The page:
Serving on local school boards: A New York State study on relationships, motivation, and purpose
This study analyzed the motivations and purposes of board members in running for election throughout the state of New York using the ADVICE© survey which was administered to a random sample of New York State School Board Members about their personal and district demographics, purpose and motivation, relationships, and levels of satisfaction, efficacy, and commitment.
The results shed light on the importance of relationships among board members and their key educational constituents as well as their level of contentment with the district superintendent, teachers union, district administrators, other board members, board leadership, and community members.
The results indicate that the typical board member was a white male, between ages 50 and 59, earned more than $75,000 per year, and held at least a Masters Degree. They have lived within their communities for an extended period of time and most of them currently have children attending the district they serve. Nearly seventy-five percent of respondents spend at least six hours per week working in their capacity as a school board member. Forty-three percent of the respondents served in districts with a student population larger than 8000.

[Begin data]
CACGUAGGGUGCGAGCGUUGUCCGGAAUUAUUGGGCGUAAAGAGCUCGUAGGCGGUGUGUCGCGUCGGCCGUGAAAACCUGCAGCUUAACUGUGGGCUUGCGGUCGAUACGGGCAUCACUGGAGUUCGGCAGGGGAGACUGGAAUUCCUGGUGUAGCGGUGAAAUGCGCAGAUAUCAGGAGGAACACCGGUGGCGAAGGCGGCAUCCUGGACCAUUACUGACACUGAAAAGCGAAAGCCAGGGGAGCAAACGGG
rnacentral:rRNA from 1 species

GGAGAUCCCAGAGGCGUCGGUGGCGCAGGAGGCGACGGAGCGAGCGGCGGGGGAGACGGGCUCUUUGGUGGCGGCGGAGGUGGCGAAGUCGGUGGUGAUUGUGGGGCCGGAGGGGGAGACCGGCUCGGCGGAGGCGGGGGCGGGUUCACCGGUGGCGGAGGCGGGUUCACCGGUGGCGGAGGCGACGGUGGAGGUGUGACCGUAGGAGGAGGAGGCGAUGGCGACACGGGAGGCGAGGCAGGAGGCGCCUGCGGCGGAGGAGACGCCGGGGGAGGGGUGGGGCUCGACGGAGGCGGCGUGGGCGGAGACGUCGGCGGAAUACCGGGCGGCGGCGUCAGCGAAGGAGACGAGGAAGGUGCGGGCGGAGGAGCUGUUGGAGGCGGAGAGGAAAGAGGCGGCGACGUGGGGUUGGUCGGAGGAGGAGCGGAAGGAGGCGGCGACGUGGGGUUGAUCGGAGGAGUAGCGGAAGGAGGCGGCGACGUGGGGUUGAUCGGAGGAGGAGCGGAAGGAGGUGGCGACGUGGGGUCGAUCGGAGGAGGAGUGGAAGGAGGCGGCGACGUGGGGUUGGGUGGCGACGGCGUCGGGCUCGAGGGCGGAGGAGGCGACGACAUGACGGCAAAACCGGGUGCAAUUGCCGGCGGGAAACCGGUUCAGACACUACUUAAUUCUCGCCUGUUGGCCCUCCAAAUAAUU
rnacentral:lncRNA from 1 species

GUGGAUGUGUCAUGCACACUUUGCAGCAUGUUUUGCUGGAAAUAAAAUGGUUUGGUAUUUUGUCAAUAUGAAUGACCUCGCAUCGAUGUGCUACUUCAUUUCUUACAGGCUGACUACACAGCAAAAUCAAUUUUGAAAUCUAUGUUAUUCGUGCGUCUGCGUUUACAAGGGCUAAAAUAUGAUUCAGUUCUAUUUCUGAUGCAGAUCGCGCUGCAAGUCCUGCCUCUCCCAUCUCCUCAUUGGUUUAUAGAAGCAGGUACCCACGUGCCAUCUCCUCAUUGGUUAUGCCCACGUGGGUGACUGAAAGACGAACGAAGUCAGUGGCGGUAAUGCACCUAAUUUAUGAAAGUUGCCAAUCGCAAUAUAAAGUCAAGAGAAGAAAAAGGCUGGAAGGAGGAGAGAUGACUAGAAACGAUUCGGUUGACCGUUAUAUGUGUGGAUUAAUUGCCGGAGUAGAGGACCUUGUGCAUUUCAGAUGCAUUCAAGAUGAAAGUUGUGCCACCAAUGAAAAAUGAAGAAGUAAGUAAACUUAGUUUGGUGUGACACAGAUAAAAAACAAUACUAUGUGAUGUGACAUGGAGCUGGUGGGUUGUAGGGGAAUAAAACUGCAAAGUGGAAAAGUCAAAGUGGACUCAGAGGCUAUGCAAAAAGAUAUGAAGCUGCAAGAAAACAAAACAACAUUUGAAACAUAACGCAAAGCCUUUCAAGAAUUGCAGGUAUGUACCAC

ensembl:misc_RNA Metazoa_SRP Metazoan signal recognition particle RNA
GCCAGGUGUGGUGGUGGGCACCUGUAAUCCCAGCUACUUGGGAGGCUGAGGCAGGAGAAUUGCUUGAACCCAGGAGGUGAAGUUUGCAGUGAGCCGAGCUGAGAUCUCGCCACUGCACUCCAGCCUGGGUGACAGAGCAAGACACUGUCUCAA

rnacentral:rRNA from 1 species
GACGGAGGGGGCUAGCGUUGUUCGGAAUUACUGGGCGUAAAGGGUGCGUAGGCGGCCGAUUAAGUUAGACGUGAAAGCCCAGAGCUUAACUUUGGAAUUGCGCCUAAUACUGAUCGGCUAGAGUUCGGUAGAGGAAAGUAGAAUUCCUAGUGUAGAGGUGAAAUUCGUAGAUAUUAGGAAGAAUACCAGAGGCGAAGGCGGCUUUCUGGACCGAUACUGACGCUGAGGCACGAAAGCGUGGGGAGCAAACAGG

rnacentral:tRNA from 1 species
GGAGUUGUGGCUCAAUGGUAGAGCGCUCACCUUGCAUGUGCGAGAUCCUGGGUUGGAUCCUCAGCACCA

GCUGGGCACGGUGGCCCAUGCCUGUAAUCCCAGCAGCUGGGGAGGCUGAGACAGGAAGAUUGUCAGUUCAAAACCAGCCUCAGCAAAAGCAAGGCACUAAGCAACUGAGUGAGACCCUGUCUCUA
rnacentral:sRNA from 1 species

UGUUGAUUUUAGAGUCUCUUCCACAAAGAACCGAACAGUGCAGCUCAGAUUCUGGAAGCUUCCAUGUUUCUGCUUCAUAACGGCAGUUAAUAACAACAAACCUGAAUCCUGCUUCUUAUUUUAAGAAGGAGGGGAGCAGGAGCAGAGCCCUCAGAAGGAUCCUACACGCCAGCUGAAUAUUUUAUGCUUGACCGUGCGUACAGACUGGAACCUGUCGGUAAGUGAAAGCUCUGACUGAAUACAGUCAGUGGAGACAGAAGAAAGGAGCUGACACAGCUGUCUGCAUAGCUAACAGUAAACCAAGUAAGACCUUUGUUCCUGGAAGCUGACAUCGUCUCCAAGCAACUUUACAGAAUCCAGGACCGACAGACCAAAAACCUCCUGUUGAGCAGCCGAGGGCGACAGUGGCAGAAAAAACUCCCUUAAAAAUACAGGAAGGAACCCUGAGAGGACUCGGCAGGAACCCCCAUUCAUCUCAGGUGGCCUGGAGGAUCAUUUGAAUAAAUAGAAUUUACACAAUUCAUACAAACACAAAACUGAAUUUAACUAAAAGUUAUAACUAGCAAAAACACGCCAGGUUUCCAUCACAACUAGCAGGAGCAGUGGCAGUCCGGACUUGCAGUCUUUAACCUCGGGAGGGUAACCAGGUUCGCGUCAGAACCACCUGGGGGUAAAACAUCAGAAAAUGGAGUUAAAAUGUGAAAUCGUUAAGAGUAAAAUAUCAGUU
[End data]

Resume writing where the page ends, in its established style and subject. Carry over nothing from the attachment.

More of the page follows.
The results indicate that a number of differences existed among respondents for the following variables: gender, age, income, and educational level. Female board members placed more emphasis on administrative leadership than male board members. Older board members placed more value on school finance and budgeting than younger members. However, younger board members placed more value on policy issues than older members. Less affluent board member were more likely to run for election for personal/political reasons than more affluent board members. More educated board members placed a greater emphasis on creating/modifying policy than less educated board members.
The study also shed light on board members' levels of satisfaction, efficacy, and job commitment. Members who have strong relationships with their superintendent, board leadership, other board members, and the teacher union, and believe that they represent the needs of the community tend to perceive themselves as more efficacious. Healthier relationships between members and their educational constituents appear to lead to greater levels of satisfaction, efficacy, and commitment.